What to do when your machine stops working

It happens to all of us.  You are in the middle of a project, and what happens – you do something wrong, and the machine starts to act up.

Now I love my machine, it ranks 6th in the family lineup, after hubby, kids, and my art deco buffet.  But like the hubby and kids, the machine needs care and attention as well.

Today I stitched something on my machine, and I heard a clunk.  It was my fault, I wasn’t paying attention, and as well as breaking a needle, the machine started to underperform.

The stitches became “floopy”, the main thread is pulling through to the bobbin area, and things are just not looking great.

I checked the working hours on my machine, and after 2 months, I am up to 227 hours of stitching time.

So it’s time to start diagnosing.

  • Firstly – re-thread both bobbin and main thread
    • When I did this, the machine began shredding the thread, I attempted to change the threads between polyester and rayon – with no change.
      20190113_132507
  • Remove the bobbin case, and clean out the bobbin area. Make sure the area is all perfectly re-set.
    • I checked the bobbin area, only to find that it did need a clean, and also that the bobbin case had shifted around in the area. I figured this was the issue, and happily put the machine back together, only to have the issue continue.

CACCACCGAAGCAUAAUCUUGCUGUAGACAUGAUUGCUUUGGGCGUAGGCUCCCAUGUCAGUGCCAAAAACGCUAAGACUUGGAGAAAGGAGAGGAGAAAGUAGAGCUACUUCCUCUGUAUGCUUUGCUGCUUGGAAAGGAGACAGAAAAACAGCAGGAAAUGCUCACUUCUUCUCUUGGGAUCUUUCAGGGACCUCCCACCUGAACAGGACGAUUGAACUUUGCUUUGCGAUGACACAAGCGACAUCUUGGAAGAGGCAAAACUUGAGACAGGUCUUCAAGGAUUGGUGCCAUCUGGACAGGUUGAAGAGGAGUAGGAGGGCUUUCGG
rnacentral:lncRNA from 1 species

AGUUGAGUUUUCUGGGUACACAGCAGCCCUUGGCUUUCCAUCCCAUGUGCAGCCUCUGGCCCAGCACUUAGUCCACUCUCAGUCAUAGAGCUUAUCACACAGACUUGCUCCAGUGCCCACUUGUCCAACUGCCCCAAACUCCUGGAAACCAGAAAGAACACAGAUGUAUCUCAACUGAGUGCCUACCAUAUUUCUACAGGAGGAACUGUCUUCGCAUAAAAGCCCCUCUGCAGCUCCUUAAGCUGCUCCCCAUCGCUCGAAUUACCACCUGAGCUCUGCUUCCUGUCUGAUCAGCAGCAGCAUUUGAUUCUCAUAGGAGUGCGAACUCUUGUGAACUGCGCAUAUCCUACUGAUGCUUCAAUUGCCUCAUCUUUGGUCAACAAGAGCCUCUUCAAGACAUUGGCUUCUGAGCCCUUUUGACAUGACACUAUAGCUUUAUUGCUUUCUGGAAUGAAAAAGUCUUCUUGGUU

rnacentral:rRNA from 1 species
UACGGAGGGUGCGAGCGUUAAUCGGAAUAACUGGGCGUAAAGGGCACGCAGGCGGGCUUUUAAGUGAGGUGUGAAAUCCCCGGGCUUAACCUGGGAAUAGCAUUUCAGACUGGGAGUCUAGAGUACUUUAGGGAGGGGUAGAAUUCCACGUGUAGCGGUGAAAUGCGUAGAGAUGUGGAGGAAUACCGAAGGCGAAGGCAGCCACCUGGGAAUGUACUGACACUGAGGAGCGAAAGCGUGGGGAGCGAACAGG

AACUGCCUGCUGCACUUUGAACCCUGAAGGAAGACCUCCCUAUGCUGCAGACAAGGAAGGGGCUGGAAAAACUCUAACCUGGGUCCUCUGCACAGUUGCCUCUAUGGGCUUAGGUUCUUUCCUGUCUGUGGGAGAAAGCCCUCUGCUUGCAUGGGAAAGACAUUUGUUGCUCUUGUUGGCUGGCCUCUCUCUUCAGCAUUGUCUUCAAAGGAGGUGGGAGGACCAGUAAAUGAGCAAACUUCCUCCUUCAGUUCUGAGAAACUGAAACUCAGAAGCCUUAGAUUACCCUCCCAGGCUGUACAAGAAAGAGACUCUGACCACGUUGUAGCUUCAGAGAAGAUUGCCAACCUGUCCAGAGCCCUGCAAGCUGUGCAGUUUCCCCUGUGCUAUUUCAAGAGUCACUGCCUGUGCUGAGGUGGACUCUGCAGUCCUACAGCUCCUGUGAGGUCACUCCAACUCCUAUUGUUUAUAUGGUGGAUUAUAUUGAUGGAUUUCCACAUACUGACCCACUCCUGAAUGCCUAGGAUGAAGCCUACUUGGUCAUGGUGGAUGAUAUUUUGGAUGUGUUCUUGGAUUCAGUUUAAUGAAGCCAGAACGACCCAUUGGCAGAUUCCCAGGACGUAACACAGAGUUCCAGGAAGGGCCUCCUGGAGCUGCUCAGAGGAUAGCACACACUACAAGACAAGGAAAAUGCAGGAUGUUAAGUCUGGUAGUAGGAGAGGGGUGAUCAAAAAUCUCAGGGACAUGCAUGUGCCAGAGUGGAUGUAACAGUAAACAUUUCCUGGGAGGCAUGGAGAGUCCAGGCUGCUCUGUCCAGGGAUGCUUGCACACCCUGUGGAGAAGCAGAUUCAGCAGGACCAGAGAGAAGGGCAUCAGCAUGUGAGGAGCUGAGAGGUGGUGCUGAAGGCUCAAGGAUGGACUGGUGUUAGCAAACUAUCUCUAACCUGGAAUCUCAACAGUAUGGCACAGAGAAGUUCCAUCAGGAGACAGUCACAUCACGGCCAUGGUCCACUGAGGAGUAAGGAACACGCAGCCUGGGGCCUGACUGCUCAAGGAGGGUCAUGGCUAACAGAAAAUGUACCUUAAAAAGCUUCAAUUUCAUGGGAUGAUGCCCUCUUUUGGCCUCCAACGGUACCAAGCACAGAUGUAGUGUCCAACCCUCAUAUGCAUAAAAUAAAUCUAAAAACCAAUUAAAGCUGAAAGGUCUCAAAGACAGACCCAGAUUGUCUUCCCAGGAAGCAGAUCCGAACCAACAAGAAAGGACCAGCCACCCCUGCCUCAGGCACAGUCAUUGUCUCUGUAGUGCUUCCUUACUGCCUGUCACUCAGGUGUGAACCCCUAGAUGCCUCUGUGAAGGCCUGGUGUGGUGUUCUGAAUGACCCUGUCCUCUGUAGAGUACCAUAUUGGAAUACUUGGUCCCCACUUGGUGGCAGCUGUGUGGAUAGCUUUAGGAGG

20190113_132609
  • Change the needle
    • Once again, I figured I may have had it here. With the needle changed, I re-commenced stitching, only to find it didn’t fix it.
  • Change the Design – as a last option, it is time to find out if the issue is with the machine, or with the design. For simplicity – use a design which is pre-built in your machine.
    • Loaded a design out of my machine, and test stitched. The issue is still occurring, letting me know that the issue is not with the design.

Once I have gone through a basic diagnostic check, I can now confidently call my repair person, and book a service.  I like to make sure when I pass the machine over for servicing, that I include details of the issue, what I was doing when the issue occurred, and what I have attempted.  This will save the service technician time and energy, and allow them to focus on what the actual problem is.

Thankfully, I have Sam the repair man coming to look at my machine today, and I am hoping to have it back up and running by this afternoon.

Until next time, I hope your machine is working better than mine, and that you have a Stitchin’ Day.  Julie.

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